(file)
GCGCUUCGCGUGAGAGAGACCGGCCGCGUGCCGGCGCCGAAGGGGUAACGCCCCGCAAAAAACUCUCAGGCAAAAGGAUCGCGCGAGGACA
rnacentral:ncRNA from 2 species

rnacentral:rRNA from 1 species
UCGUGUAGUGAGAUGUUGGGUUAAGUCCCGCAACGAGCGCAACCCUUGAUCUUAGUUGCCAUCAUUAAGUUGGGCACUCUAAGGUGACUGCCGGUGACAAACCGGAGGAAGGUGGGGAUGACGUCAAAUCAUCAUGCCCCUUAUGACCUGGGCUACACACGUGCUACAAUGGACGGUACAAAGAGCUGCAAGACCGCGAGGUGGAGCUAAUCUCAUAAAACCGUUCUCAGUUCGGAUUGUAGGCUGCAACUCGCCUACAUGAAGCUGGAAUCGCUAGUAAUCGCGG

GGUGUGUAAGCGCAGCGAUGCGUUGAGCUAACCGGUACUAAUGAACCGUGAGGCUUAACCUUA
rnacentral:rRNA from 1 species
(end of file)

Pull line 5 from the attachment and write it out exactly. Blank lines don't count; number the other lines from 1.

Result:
GGUGUGUAAGCGCAGCGAUGCGUUGAGCUAACCGGUACUAAUGAACCGUGAGGCUUAACCUUA